Then after 24 hour samples were unmolded and cured in curing chamber. After 3 day specimens were taken out form the chamber and allowed to achieve a saturated surface dried (SSD) condition. Then 2 samples were covered with PVA water soluble plastic and 1 sample is not covered. SOLUBLON PVAL-film grade KA 40 micron which is cold water soluble plastic supplied by HARKE Chemical GmbH was used in this experiment. Then the porous cylinder of Ø25 and Ø35 mm is put in the middle of mould of Ø45 and Ø56 mm respectively whereas outer solid concrete cylinder made with self compacting concrete is casted around it. Then samples are treated with similar curing procedure until 7 days as shown in figure 2.

Figure 2. (a) Porous concrete cylinder and PVA water soluble film. (b) Production of the porous concrete network. (c) Sample is ready for normal concrete casting

Figure 6 shows a new vascular or porous network concrete has been developed in which pore connection can be used as media for healing agents to be injected. It can be seen in figure 3 that by covering porous concrete core with water soluble PVA film we have sharp boundary and have larger porosity which in turn can be used to transport higher volume of healing agents.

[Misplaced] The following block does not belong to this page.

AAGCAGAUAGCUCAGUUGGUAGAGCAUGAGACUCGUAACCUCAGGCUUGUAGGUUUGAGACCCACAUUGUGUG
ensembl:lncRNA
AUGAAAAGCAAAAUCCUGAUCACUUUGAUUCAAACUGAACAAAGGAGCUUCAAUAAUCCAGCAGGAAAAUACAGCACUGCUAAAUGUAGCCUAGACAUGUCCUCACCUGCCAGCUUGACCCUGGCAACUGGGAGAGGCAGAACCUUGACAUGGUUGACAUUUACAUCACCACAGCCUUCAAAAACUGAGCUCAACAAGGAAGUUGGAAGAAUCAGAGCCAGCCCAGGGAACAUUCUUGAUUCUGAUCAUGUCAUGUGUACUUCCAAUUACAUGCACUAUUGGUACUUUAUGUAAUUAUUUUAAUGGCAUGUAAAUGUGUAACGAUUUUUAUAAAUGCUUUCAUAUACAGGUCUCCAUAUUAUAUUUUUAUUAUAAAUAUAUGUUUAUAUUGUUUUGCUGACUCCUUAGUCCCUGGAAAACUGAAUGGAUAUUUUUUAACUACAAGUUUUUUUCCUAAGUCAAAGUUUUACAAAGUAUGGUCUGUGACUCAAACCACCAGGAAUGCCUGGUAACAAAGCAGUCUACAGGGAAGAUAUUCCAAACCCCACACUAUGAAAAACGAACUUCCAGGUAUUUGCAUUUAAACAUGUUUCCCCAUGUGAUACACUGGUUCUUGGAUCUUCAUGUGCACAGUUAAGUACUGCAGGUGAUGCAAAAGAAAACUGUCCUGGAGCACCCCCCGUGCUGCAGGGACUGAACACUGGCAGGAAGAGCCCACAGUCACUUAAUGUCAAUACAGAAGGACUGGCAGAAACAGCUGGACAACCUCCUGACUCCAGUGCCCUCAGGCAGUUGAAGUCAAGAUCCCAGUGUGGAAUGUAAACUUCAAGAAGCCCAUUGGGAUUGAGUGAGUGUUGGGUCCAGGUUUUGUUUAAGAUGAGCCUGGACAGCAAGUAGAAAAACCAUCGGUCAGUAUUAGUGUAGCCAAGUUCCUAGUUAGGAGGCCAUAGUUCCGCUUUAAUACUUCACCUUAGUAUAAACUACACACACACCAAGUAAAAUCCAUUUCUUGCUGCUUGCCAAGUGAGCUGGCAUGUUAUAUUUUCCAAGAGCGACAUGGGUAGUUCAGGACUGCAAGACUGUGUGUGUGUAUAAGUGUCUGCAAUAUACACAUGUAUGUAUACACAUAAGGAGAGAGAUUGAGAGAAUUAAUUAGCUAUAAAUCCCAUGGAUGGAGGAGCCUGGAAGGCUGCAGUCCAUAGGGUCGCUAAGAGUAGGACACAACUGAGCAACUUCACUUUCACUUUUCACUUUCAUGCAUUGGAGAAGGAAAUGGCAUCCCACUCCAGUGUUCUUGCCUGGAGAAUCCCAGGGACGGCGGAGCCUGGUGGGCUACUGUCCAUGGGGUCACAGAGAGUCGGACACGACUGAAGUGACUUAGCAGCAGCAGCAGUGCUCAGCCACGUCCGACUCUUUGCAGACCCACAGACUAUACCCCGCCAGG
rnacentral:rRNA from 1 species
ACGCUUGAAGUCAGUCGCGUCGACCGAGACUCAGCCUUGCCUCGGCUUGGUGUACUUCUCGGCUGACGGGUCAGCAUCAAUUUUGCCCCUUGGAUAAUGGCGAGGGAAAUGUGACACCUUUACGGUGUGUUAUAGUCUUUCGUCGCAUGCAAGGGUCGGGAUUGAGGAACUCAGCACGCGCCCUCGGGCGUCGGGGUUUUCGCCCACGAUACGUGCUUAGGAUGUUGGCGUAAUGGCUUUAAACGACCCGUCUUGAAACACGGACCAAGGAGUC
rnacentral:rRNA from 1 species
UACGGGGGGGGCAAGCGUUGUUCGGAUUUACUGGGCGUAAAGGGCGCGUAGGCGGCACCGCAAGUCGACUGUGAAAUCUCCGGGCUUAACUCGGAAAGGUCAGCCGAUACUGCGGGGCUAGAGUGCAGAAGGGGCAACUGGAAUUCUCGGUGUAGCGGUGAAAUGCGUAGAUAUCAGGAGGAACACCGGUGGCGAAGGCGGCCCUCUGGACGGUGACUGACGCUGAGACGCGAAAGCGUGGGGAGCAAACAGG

Figure 3. Longitudinal cross section of porous network concrete (a) with PVA film cover and (b) without PVA film cover.

Sample then was tested in deformation controlled tension to create crack close to the pre-notch. After cracks were developed two component epoxy resin was poured into porous core of sample using in impregnation chamber. Fluorescent dye (powder) is used with 1% weight proportion to epoxy to visualize pore and cracks.
Figure 4 is longitudinal section of the samples which is portrayed under UV light to show different material phase. Bright green epoxy polymer can be seen filling up all space including crack in the middle of the sample. Boundary line between solid phase and porous concrete is visible and filled with epoxy. From this it can be concluded that PVA film was dissolved during or after casting self compacting concrete. This phenomenon ensures that porous concrete can be kept porous in the interior concrete structure.
Figure 4. (a) Longitudinal cross section showing the crack which have been filled by epoxy. (b) 3D reconstruction of the vascular concrete after crack propagation

Senot explains the concept in the video below.